As coronavirus cases rise around the country, some colleges and universities are rethinking some of their plans for next semester.
Colleges must assess how they would bring students back after the winter holidays while the country faces crushing rates of virus infections.
After months of slumping sales and businesses toppling into bankruptcy, Black Friday is offering a small beacon of hope to local and national retailers.
But travel remains hard hit. The Walt Disney Co. is announcing plans to lay off 4,000 more workers in its theme parks division in California and Florida due to the COVID-19 pandemic's effect on the industry.
But the economic outlook is bright for one industry: tree farms. Christmas tree growers who have faced increased interest in artificial trees in recent years say demand for real, fresh-cut evergreens is strong this season.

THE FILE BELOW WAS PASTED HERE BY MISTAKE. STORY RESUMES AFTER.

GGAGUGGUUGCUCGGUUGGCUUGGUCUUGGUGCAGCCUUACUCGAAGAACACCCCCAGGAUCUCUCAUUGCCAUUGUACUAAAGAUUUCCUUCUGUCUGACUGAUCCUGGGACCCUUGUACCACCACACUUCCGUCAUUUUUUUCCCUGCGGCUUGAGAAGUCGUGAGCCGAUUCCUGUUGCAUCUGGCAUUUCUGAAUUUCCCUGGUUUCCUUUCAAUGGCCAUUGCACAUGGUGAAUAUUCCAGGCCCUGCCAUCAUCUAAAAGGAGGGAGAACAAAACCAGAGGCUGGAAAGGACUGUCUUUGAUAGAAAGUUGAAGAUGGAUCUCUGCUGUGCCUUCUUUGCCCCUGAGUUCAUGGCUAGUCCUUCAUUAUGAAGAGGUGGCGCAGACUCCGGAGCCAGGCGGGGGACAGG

THE NUMBERS: About 13 million Americans have been diagnosed with the coronavirus, and more than 263,500 deaths have been attributed to the virus since the start of the pandemic. The country is averaging more than 1,650 deaths per day, according to data from Johns Hopkins University. See updating charts at the end of this article.
QUOTABLE: “My biggest concern is probably that people will become more relaxed with their individual social distancing/quarantining measures over winter break,” University of Vermont President Suresh Garimella said by email. “I can only hope that people will remember how important these safety measures are, and will continue to practice them for the sake of their health and for the sake of our education.”
ICYMI: Letters pouring by the tens of thousands into Santa’s mailbox offer a glimpse into the worries and hopes of children awaiting a pandemic Christmas. The postal sorting office in France’s Bordeaux region has been handling his mail since 1962, but this year, along with usual pleas for toys and gadgets, kids are asking for vaccines, for visits from grandparents, for life to return to the way it was.